About the Reunion

MacKinnon Descendants Reunion – June 13-15, 2008

Red Cliffs at Canoe Cove ParkCharles MacKinnon and Christina Cameron made the decision in 1808 to leave their homeland on the Isle of Mull, Scotland and move to Prince Edward Island. They settled in Canoe Cove a few years later, and raised their family of six children, who are our ancestors. There had never been a reunion of their descendants in North America, and what better time to celebrate together than on the occasion of the 200th anniversary of their arrival in a new land.

Canoe Cove SignThe Reunion started on the evening of Friday, June 13 in Canoe Cove Presbyterian Church. Approximately 150 family members attended a service of dedication led by Reverend Steven Stead, who is married to a descendant. Following the service, the memorial stone was unveiled by young Hannah and Kyle Peters and Nikki MacEwen, descendants of Charles MacKinnon and Christina Cameron. The official opening was held the following day at Camp Keir, also in Canoe Cove. Piper Malcolm MacLaine piped in the official party, consisting of Joan MacKinnon; the Honourable Valerie Docherty, Minister of Tourism; Paula Biggar, MLA for Linkletter/Tyne Valley; Jill MacMicken-Wilson, Head Archivist for the the Provincial Archives; and Gary MacDougall, editor of The Charlottetown Guardian.

Valerie Docherty welcomed the over 250 Reunion participants on behalf of the province of P.E.I., while Paula Biggar, a family member, added her greetings to the assembled family members. Gary MacDougall talked about his memories of grandmother, Dot MacNevin MacDougall. Joan MacKinnon presented a copy of her new book, From Home and From Away: The Descendants of Charles MacKinnon and Christina Cameron to Jill MacMicken-Wilson, who then thanked her and talked about the genealogy resources of the Provincial Archives. Refreshments were provided by the Canoe Cove Women’s Institute, which helped warm up family members so that they could enjoy reconnecting and viewing displays on all six branches of the family. Group photos of the entire group, and then of each smaller group were taken to provide a lingering memento of the Reunion. Family members had come from every province in Canada, except Manitoba and Newfoundland; from 8 states in the United States, including California and Colorado; from New Zealand, Australia, Malaysia and Oman.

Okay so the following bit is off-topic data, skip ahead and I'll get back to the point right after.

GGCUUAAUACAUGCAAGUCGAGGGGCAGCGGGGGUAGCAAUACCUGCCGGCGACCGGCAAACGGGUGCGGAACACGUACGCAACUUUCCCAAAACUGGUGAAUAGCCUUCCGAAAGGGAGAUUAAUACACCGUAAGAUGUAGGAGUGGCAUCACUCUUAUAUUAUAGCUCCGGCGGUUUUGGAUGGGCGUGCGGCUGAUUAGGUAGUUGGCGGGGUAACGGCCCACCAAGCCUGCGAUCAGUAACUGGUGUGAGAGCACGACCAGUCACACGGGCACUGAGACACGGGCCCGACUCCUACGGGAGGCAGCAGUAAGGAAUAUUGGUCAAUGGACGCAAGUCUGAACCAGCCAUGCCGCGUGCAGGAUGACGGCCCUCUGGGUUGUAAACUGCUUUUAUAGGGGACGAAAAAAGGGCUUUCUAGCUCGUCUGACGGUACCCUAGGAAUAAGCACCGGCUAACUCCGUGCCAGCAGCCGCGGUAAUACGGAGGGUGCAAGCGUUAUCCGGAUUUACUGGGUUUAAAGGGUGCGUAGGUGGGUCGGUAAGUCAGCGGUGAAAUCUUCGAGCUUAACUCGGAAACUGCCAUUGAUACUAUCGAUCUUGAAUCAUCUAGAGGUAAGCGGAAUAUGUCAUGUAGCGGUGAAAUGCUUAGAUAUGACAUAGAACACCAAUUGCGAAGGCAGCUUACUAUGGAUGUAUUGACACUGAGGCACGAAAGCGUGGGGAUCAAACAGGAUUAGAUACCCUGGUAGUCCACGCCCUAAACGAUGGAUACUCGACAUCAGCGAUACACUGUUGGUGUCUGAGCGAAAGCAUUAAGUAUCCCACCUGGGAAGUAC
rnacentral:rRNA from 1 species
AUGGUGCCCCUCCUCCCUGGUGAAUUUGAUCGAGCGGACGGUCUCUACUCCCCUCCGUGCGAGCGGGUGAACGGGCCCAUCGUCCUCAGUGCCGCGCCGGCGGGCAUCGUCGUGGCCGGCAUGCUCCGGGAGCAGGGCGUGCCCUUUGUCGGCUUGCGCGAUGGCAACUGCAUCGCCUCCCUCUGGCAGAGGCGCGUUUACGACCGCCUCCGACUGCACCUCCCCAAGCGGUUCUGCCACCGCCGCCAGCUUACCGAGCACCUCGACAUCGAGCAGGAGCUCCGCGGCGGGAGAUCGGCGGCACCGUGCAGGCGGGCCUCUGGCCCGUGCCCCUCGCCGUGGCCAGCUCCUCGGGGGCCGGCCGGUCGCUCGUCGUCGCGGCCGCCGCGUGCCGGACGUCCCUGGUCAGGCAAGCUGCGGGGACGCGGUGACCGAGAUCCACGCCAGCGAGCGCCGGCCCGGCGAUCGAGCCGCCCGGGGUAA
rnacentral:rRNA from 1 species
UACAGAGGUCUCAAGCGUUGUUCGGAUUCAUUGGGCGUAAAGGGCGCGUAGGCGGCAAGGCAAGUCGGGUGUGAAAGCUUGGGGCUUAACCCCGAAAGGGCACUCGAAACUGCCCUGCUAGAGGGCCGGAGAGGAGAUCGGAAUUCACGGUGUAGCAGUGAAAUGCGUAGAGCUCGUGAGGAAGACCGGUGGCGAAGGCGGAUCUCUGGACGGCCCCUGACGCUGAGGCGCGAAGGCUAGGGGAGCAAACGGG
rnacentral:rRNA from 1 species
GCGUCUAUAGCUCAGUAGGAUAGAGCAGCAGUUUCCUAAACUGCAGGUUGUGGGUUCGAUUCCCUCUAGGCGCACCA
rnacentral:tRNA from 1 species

That evening, over 230 family members enjoyed the Tartan Dinner, which featured haggis, turkey and dressing, turnip and cake for dessert. Matthew MacLaine piped in the haggis, carried by Mayor of Cornwall Patrick MacFadyen, another family descendant. Joan MacKinnon addressed the assembled crowd, wearing her father’s hunting MacKinnon kilt. Following the excellent dinner, family members entertained the crowd. There was music – in the form of fiddling by Dennis Alexander, and mandolin playing by Neil Frisbie, as well as songs by Jackie Redmond, and Marlene Ford and her sisters-in-law, Nina and Joyce Phillips. Bonnie Saunderson gave a cute rendition of ‘Skinamarinkydinkydo’. Christy Charles performed the Highland Fling, and her cousin Khrystia MacKinnon demonstrated a Ukrainian dance. Don MacKinnon recited The Shooting of Dan McGrew from memory and with great feeling. Daisy Buchanan performed a skit in which an older woman was wooing a young man, in this case Ross Charles. What an array of talent there is in this family!

Bright and early next morning, about 130 family members set off in 3 buses to visit locations on the Island important in family history. Our route took us through New Dominion, Rice Point, Canoe Cove and Argyle Shore before heading to Summerside. After a quick stop to shop at Spinnaker’s Landing, our next stop was the People’s Cemetery in Summerside, where Cornelius MacKinnon and many of his descendants are buried, as well as Neil MacKinnon and family, Angus MacKinnon and his wife and son and Maggie MacKinnon Hodge and her husband and son Lemuel were laid to rest. Two buses followed a loop through Lot 16, while the third traveled through Northam, Tyne Valley and Ellerslie, before all three returned to the Western Road. O’Leary, home of Donald MacKinnon and many of his descendants, was along the route to West Point, where we planned to lunch. Unfortunately, a kamikaze squad of mosquitoes swooped down upon us there, making it impossible to eat outside or go to see West Point Lighthouse, so we returned to the buses to eat. We continued on through Brae, where we stopped at Brae Cemetery, and saw the tombstones of Donald and Christy MacKinnon, and Donald’s daughter Jane MacAulay, as well as Archibald MacNevin, and others. Continuing on through Coleman, we headed for Mount Pleasant where we were invited for tea at the home of Clarence and Marlene Ford, who live in the house built by William MacKinnon in the 1860s. What a feast we had! There was tea and lemonade, and many delicious treats prepared by family members. The sun came out and everyone was able to mingle outside. Our last stop was in Victoria West Cemetery where William and Mary Ann MacKinnon are buried, along with several of their children and many descendants. Then it was back to Cornwall, by way of Kensington, home of Bessie and William Hopgood, and then Hunter River, where Russell MacNeill and family lived.

The Clan Challenge Golf Tournament was held during the afternoon at Glen Afton Golf Course. About 26 family members participated. The low score went to Ross Charles, with Andrew Windsor in second place.

The Reunion concluded that evening with a ceilidh featuring the Long River Players. The group played the fiddle, sang, did some stepdancing, and brought up audience members to play the spoons and sing.  A good time was had by all.  Just before the farewell, the New Zealand group got up on stage and sang a lovely Maori song that was greatly enjoyed by everyone.  All too soon, it was time to say goodbye.<>